Management Information is the information that a company gathers in order to measure performance, either of the entire business or a given area. The data generated can be analysed to take actions and drive changes, based on real information rather than instinct or best guesses.
MIS – Management Information System
A Management Information System (MIS) is used to collate MI from a range of sources into one place for analysis. The data is typically shown in a visual way, using charts, graphs and interactive dashboards to facilitate decision making.
SaaS – Software as a Service
Sometimes known as software on demand, Software as a Service most often refers to software that is accessed via the internet and hosted on the cloud. Unlike traditional software purchases, where you buy an individual copy and install it on your machine, SaaS is paid for on a subscription basis and can be accessed from any internet enabled device. This spreads out the cost of the application and in many cases, updates are included, so your investment is somewhat future proof.
BPO – Business Process Outsourcing
Business Process Outsourcing is that act of a business using an external company to complete non-core but necessary business functions. This could include back office tasks such as HR, recruitment, finance and procurement or front-office tasks such as telesales, customer services or tech support. Some of the benefits of BPO include taking advantage of external expertise and freeing up time to concentrate on core competencies.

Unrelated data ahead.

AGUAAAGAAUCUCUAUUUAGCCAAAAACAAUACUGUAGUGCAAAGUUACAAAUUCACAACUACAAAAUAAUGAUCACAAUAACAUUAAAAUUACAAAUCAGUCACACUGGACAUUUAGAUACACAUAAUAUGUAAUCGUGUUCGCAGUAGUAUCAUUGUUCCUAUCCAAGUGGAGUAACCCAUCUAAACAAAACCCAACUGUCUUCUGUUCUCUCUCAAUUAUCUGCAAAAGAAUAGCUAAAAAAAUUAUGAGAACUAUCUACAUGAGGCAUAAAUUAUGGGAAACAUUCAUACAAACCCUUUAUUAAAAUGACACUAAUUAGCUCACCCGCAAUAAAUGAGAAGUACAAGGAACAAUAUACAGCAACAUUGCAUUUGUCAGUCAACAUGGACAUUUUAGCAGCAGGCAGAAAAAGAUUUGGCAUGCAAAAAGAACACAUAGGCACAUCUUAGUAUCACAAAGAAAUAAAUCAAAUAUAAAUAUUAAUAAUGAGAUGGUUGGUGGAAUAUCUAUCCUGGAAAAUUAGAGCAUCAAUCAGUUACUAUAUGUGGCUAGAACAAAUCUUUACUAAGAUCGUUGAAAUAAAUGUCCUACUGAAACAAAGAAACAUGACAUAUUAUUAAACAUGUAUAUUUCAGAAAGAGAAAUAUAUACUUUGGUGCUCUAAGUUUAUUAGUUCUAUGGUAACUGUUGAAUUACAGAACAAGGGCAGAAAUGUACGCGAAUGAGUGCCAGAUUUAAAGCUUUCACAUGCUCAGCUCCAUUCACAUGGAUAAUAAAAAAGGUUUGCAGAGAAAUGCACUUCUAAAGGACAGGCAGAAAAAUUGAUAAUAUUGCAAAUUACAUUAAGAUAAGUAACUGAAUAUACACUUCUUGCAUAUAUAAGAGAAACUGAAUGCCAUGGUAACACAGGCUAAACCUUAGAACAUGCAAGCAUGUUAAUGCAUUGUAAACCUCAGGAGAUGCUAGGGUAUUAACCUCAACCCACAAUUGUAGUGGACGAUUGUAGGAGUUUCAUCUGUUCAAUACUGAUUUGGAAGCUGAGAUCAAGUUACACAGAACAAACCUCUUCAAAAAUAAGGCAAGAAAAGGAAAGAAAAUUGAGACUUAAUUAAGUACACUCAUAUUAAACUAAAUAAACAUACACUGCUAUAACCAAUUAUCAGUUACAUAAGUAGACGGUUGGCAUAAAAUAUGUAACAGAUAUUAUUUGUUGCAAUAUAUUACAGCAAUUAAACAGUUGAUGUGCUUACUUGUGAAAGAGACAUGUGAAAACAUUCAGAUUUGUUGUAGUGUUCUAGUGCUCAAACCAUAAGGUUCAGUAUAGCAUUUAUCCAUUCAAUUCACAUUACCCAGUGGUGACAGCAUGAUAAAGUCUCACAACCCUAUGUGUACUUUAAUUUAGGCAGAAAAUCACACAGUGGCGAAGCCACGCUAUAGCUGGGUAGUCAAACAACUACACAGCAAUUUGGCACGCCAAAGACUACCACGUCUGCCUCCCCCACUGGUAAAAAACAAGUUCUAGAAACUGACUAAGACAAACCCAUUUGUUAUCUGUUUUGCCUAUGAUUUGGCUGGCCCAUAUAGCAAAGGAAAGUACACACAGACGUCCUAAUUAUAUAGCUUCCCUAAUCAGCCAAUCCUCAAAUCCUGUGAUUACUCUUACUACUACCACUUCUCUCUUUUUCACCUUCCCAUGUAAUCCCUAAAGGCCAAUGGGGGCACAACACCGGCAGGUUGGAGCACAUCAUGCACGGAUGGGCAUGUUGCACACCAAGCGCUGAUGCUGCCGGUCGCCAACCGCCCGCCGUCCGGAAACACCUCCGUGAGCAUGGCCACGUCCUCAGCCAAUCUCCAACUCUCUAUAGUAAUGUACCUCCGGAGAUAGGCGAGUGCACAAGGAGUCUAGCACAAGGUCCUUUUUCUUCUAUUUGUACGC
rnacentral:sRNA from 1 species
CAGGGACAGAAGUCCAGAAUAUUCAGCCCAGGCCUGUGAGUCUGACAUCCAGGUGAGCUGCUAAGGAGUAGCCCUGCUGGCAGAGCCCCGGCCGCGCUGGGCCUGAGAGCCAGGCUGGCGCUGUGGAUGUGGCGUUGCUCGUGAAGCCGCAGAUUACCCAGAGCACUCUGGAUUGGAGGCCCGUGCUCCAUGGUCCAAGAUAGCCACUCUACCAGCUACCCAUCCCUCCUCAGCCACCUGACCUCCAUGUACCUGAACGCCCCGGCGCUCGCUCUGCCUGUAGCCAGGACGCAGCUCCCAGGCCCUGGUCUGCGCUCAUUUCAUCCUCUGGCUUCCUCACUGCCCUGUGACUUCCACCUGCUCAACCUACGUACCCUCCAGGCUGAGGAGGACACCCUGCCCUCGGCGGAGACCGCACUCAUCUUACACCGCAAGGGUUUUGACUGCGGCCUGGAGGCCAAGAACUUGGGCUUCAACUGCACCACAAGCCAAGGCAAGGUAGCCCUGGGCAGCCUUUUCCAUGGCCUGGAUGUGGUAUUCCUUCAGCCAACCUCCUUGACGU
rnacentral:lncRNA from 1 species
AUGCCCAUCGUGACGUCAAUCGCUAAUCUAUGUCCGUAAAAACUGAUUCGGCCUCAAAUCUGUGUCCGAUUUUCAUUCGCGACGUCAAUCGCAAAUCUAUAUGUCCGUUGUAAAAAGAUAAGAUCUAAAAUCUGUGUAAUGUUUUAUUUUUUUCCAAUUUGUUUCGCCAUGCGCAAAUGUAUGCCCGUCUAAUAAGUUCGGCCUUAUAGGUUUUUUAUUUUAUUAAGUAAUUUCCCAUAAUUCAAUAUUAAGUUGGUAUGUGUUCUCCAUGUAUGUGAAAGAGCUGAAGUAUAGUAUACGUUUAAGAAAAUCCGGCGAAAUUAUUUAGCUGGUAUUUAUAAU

EAI – Enterprise Application Integration
Enabling technologies and software applications to talk to each other is known as Enterprise Application Integration. Linking systems together allows for sharing data, so updates only need to be made in one place and collaboration between departments. Applications are linked together through Application Programming Interfaces (APIs) and the use of middleware, which acts as a data bridge between two systems.
API – Application Programming Interface
Application Programming Interfaces or APIs are parts of code that allow websites or applications to talk to each other. Websites and applications make these parts of their code available to other programmers to enable this interaction.
CRM – Customer Relationship Management
Customer Relationship Management is a strategy for utilising data from interactions with customers and potential customers to improve relationships and drive sales. A CRM system allows for data from various channels to be collated into one place for ease of use and viability by system users. Many of these systems also have advanced capabilities such as marketing automation and sales lead management.
By utilising low-code platforms, developers and end users can build custom software applications without having to write lines and lines of traditional code. Applications are built in low-code platforms by linking together pre-coded elements, often in a visual interface, that cover all or the majority of required functionality with the capability for more atypical elements to be hand-coded.